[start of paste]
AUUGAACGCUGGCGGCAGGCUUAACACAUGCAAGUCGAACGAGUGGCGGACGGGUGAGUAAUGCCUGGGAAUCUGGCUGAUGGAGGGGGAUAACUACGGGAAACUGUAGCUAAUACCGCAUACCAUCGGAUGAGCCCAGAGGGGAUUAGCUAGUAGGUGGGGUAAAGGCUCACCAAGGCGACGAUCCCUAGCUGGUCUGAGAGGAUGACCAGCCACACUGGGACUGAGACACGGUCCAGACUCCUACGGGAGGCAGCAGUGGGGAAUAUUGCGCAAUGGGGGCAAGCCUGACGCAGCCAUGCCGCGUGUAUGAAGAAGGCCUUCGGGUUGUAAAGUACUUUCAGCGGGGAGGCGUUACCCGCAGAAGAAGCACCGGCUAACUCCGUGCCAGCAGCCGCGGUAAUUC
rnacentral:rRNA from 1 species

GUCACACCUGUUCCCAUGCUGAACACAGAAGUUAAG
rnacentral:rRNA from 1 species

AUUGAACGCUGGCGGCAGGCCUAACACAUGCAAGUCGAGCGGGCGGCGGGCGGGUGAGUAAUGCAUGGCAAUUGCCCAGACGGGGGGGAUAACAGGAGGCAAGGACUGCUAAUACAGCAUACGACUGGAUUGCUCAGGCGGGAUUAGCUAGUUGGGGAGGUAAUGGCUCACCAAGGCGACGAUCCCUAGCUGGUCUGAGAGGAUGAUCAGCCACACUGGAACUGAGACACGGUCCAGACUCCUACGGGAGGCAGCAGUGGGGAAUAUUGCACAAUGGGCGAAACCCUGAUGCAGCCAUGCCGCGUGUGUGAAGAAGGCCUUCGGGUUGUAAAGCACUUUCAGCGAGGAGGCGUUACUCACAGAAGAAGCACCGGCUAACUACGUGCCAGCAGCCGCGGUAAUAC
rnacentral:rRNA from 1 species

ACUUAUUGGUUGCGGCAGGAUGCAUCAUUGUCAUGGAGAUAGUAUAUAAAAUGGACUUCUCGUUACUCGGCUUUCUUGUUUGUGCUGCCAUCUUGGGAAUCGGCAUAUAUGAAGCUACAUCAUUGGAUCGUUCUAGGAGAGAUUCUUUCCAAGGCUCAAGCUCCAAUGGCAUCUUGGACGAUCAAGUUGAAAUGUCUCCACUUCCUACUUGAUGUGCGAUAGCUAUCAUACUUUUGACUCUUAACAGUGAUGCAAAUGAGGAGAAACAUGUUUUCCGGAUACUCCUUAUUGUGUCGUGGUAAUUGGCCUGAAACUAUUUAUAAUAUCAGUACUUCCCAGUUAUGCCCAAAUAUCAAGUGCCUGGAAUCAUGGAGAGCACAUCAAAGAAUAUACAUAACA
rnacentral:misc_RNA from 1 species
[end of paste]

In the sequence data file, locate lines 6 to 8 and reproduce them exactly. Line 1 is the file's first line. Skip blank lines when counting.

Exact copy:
rnacentral:rRNA from 1 species

ACUUAUUGGUUGCGGCAGGAUGCAUCAUUGUCAUGGAGAUAGUAUAUAAAAUGGACUUCUCGUUACUCGGCUUUCUUGUUUGUGCUGCCAUCUUGGGAAUCGGCAUAUAUGAAGCUACAUCAUUGGAUCGUUCUAGGAGAGAUUCUUUCCAAGGCUCAAGCUCCAAUGGCAUCUUGGACGAUCAAGUUGAAAUGUCUCCACUUCCUACUUGAUGUGCGAUAGCUAUCAUACUUUUGACUCUUAACAGUGAUGCAAAUGAGGAGAAACAUGUUUUCCGGAUACUCCUUAUUGUGUCGUGGUAAUUGGCCUGAAACUAUUUAUAAUAUCAGUACUUCCCAGUUAUGCCCAAAUAUCAAGUGCCUGGAAUCAUGGAGAGCACAUCAAAGAAUAUACAUAACA
rnacentral:misc_RNA from 1 species